Another in the series on City of London buildings that survived the Great Fire of 1666, and that still survive to this day …
The Tower of London was originally built under William I, William II and Henry I in the late eleventh to earliest twelfth century, between 1076-1101, and added to by a succession of later kings and queens, many of whom used it as a royal residence, through to the seventeenth (the chapel of St Peter ad Vincula within is arguably of even older, Saxon origin).
The Tower features in the earliest known painting of London, by an unknown artist, dating to the late fifteenth century, and commissioned to illustrate a book of poems written by Charles, Duc d’Orleans, who was imprisoned here for twenty-five years after his capture at the Battle of Agincourt in 1415. Hundreds were imprisoned here over the centuries; and scores tortured and executed, in a variety of horrible ways – one wonders how much better a world it would have been if all the imaginative effort expended in devising means of inflicting suffering had instead been channelled elsewhere.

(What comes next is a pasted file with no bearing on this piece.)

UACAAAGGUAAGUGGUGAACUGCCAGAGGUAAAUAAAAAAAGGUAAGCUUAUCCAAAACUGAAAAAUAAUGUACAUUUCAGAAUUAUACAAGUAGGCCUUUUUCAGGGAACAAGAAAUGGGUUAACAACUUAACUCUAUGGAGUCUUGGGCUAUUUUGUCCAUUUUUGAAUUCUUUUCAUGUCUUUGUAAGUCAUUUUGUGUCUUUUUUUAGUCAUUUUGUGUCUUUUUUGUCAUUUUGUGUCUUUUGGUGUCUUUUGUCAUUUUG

It is visited on various of our walks.
Further details of all our walks are available in the “Our Guided Walks” section of this web-site.
Bookings may be made through the “Contact/Booking” section of the web-site, or by e-mail (firstname.lastname@example.org).